Let's Talk about Grief
Grief is defined as deep sorrow. While most people associate grief with the loss of a loved one, grief is also the natural response to any major loss.
Grief is also…
- The end of a romantic relationship
- The end of a friendship or familial relationship
- A career shift/retirement
- Losing a home or job
Most people are familiar with the five stages of grief: denial, anger, bargaining, depression, and acceptance. However, it’s important to understand that navigating grief is unique to each person and their grief journey may require different ways of coping. It’s important to find healthy ways to grieve and move through your emotions.
What are healthy ways to grieve?
- Give yourself permission to feel your loss
- Give yourself time to understand your emotions and what you are grieving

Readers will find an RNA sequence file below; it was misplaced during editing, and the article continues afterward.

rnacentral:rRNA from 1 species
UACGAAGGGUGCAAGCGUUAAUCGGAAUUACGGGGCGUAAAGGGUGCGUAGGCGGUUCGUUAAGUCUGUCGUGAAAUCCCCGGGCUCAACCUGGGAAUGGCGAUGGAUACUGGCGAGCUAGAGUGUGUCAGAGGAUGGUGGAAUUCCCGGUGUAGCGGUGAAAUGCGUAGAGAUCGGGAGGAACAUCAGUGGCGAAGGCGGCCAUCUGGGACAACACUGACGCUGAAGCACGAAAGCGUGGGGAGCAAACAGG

- Seek support from people you feel safe with
- Talk about it with a licensed therapist
- Prepare for anniversaries or milestones that may be upsetting
- Know the triggers that might reawaken your grief
It is important to remember that grief comes in waves, and it doesn’t affect everyone the same. Grieving doesn’t follow a set timeline and will have different triggers depending on the situation. The below illustration is a simple, yet profound way of understanding how grief evolves in someone’s life. It suggests that your grief will always be a part of you, but your life will begin to grow around it. You will have new experiences, meet new people, and begin to find moments of happiness again. Over time, these moments may grow more frequent and the outer circle will grow a little bigger.
Your grief is still valid even if…
- Your loss doesn’t include a death
- Your loss happened a long time ago
- People assume you should be over it by now
- You don’t outwardly express your emotions to your family or friends anymore
- You begin to enjoy life again
There is no right or wrong way to grieve. Only your way. If you or a loved one is experiencing grief, our mental health professionals at Rise Counseling & Diagnostics can help. Contact us today to Get Started.
References: helpguide.org, psychologytoday.com, mayoclinic.org, theralphsite.com.